The memory brings to mind a package that arrived from England last month, a 45 rpm record with a note "I found the words. Please call me" followed by a telephone number and an address on Cavendish Avenue, St. John's Wood, London. Without playing the record, Marisol had merely added it to the suitcase full of Paul memorabilia she couldn't bear to look at.

She notices she's been holding her breath and exhales slowly, captivated by the haunting melody and plainspoken description of heartbreak as Paul continues to sing.

Suddenly, I'm not half the man I used to be,

There's a shadow hanging over me,

oh I believe in yesterday.

Why she had to go, I don't know, she wouldn't say

I said something wrong, now I long for yesterday.

Yesterday. That was it. The word described the melody perfectly. And the rest of the verse told of a man reflecting on his emotional isolation. Life and love had once seemed so easy, but something had happened he couldn't take back, and everything changed. It was a tale of a shattered love affair.

"He found the words," Marisol whispers.

She feels Melody squirm and pull away from the bottle and realizes she's been gripping her daughter too tightly. She loosens her hold and looks down. Melody's big brown eyes are blinking up at the television set. Other than her bright eyes tracking the movements on the screen, her tiny body is completely still, seemingly mesmerized by the singer and the haunting melody.

Marisol kisses the top of her daughter's soft dark hair. "I know sweetie."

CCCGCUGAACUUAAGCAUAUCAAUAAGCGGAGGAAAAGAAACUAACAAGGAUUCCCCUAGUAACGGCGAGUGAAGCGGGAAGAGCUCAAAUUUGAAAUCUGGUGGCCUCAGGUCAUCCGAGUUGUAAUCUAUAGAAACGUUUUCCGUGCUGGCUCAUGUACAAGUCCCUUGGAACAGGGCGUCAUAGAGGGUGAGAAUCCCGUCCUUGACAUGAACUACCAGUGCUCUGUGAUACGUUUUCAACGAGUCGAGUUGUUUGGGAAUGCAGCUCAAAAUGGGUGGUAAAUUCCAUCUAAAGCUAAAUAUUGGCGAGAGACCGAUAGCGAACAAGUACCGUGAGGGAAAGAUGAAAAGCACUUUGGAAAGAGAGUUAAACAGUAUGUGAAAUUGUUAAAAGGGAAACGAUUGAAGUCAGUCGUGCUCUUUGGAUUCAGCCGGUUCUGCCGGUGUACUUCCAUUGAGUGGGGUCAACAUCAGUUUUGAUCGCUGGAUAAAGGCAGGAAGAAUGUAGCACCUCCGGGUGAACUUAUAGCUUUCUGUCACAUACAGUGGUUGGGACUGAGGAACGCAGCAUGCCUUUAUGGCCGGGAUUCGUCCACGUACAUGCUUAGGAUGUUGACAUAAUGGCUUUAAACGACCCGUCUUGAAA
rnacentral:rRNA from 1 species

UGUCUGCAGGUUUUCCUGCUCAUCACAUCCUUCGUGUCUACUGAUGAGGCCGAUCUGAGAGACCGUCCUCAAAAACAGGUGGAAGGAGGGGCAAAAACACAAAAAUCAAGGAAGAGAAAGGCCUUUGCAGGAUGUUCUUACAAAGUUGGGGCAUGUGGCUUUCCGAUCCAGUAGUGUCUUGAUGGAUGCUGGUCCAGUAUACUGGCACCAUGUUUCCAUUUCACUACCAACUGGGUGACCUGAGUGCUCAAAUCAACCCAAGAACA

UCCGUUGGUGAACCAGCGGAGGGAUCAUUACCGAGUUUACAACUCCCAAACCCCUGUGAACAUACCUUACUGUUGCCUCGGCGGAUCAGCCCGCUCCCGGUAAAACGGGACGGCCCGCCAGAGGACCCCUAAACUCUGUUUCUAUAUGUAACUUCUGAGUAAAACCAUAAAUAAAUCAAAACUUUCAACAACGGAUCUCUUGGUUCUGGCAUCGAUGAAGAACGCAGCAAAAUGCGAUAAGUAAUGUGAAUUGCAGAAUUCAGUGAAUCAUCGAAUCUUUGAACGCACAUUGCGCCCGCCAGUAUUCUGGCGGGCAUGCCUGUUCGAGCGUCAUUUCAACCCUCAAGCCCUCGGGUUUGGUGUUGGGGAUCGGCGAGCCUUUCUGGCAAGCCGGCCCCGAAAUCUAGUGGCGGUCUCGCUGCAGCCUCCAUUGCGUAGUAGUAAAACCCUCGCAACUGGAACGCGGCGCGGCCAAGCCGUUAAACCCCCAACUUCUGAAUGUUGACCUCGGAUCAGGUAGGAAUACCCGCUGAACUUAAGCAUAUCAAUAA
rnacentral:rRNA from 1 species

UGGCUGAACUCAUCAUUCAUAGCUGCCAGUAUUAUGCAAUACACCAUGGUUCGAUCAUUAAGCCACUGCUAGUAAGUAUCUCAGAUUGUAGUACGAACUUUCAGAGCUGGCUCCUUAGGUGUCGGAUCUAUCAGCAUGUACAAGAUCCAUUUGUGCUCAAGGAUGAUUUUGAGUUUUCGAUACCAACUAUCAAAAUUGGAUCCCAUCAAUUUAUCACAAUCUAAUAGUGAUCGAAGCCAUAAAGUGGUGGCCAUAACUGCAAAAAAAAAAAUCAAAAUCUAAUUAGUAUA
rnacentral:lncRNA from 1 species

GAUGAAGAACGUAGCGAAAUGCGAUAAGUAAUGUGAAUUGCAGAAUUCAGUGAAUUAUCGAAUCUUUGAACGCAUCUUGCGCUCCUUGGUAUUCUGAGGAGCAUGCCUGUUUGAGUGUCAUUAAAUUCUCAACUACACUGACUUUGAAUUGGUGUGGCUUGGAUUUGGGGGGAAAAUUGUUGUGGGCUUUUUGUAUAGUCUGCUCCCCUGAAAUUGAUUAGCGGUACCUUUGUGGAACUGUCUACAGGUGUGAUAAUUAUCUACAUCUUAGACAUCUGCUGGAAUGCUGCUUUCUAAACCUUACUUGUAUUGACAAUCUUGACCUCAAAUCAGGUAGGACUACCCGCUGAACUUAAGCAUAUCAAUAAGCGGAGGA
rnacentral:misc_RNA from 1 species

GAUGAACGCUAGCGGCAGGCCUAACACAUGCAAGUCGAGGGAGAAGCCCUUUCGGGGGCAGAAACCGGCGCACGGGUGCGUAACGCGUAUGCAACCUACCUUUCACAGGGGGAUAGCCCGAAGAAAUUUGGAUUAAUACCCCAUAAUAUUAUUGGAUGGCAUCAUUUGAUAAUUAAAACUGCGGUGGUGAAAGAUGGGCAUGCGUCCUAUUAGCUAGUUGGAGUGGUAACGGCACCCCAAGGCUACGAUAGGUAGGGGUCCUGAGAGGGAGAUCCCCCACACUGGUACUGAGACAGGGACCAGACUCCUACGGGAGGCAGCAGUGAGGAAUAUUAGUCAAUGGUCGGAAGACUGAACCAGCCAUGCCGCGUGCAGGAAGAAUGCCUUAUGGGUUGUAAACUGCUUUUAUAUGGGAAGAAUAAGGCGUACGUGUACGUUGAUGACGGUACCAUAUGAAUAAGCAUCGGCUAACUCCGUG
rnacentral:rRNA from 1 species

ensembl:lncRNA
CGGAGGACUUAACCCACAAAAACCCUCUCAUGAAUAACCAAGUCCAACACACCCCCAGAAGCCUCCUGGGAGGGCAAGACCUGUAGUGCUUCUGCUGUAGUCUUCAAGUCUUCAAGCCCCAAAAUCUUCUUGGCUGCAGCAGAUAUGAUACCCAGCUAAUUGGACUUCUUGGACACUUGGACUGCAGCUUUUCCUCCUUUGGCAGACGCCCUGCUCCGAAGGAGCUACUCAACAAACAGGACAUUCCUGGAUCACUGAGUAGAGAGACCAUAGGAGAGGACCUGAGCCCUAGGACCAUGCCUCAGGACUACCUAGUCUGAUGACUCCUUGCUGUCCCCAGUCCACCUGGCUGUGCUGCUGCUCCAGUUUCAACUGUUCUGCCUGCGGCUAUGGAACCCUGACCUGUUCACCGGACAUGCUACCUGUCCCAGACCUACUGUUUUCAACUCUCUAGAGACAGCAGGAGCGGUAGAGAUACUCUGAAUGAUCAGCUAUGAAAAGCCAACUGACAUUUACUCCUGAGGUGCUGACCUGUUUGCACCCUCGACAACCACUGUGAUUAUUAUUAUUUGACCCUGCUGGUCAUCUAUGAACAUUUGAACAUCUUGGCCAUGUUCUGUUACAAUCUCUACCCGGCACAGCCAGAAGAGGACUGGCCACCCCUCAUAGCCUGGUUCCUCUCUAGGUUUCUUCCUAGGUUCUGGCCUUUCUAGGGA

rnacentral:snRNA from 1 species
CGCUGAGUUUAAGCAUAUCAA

Margo regards her younger sister with a frown. "Have you told him?"

Marisol chews the inside of her cheek while she considers a response. "I'm working on it." (If working on it means picking up the phone once a month, waiting for a dial tone and slamming it down again with her heart pounding.)

Of course she'll have to tell him. Melody's father deserves to know he has a perfect daughter, and even though Melody has a huge family of people who adore her, no one can take the place of a father in her life. She has to tell him, for her daughter's sake, and he can decide what sort of relationship he wants with her. With them.

The song ends and Paul steps back from the microphone with a tight smile and a small bow. His performance, with acoustic guitar and pre-recorded strings, was pitch-perfect: sweet, stoic, heartbroken.

"He nailed it," Marisol whispers with a relieved sigh. Tears have sprung to her lower lids and she swipes at them with the back of her hand. "Despite the roller coaster ride the last two years has been, Gogo, I am so proud of him."

Her sister leans close and rests her head on Marisol's shoulder. "He's just a guy in a band. I'm proud of YOU. Has it really been two years? Feels like only yesterday."

Marisol glances down at her perfect daughter and gives her a squeeze. "We don't believe in yesterday, do we Melody? We believe in tomorrow."

But as she watches Paul switch to his bass guitar and announce the next song, her mind goes back to the first time she saw him. No matter how often she looks back on that magical afternoon it is always with the same question: what if she'd been ten minutes later arriving at Mrs. A's house? Ten minutes would have made all the difference. There are those critical junctures in life, when a seemingly trivial decision radically alters the course of our lives. It takes only a second really, and everything changes.